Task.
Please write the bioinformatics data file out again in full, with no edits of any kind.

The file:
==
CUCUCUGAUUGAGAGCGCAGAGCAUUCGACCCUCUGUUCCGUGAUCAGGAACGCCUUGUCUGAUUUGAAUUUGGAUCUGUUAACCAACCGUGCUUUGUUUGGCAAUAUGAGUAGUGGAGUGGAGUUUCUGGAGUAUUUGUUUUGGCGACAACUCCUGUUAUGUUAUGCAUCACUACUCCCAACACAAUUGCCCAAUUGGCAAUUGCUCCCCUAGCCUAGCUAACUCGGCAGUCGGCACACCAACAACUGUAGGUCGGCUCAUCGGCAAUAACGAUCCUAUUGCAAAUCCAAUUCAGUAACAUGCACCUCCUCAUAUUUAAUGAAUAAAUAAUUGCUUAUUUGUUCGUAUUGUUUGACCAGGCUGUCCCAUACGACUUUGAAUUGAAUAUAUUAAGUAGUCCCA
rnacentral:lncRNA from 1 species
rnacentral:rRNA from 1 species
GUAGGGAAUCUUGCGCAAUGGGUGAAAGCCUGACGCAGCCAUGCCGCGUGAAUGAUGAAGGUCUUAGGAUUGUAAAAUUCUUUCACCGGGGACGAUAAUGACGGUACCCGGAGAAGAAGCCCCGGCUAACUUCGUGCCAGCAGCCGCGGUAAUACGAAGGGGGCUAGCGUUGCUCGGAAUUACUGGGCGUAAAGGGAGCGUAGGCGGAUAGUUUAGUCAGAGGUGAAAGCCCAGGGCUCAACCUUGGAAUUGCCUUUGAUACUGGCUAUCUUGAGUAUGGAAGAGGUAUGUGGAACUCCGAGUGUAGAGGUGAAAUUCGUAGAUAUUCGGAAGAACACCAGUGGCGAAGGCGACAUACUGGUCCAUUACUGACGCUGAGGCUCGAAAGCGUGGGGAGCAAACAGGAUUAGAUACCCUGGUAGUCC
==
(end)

CUCUCUGAUUGAGAGCGCAGAGCAUUCGACCCUCUGUUCCGUGAUCAGGAACGCCUUGUCUGAUUUGAAUUUGGAUCUGUUAACCAACCGUGCUUUGUUUGGCAAUAUGAGUAGUGGAGUGGAGUUUCUGGAGUAUUUGUUUUGGCGACAACUCCUGUUAUGUUAUGCAUCACUACUCCCAACACAAUUGCCCAAUUGGCAAUUGCUCCCCUAGCCUAGCUAACUCGGCAGUCGGCACACCAACAACUGUAGGUCGGCUCAUCGGCAAUAACGAUCCUAUUGCAAAUCCAAUUCAGUAACAUGCACCUCCUCAUAUUUAAUGAAUAAAUAAUUGCUUAUUUGUUCGUAUUGUUUGACCAGGCUGUCCCAUACGACUUUGAAUUGAAUAUAUUAAGUAGUCCCA
rnacentral:lncRNA from 1 species
rnacentral:rRNA from 1 species
GUAGGGAAUCUUGCGCAAUGGGUGAAAGCCUGACGCAGCCAUGCCGCGUGAAUGAUGAAGGUCUUAGGAUUGUAAAAUUCUUUCACCGGGGACGAUAAUGACGGUACCCGGAGAAGAAGCCCCGGCUAACUUCGUGCCAGCAGCCGCGGUAAUACGAAGGGGGCUAGCGUUGCUCGGAAUUACUGGGCGUAAAGGGAGCGUAGGCGGAUAGUUUAGUCAGAGGUGAAAGCCCAGGGCUCAACCUUGGAAUUGCCUUUGAUACUGGCUAUCUUGAGUAUGGAAGAGGUAUGUGGAACUCCGAGUGUAGAGGUGAAAUUCGUAGAUAUUCGGAAGAACACCAGUGGCGAAGGCGACAUACUGGUCCAUUACUGACGCUGAGGCUCGAAAGCGUGGGGAGCAAACAGGAUUAGAUACCCUGGUAGUCC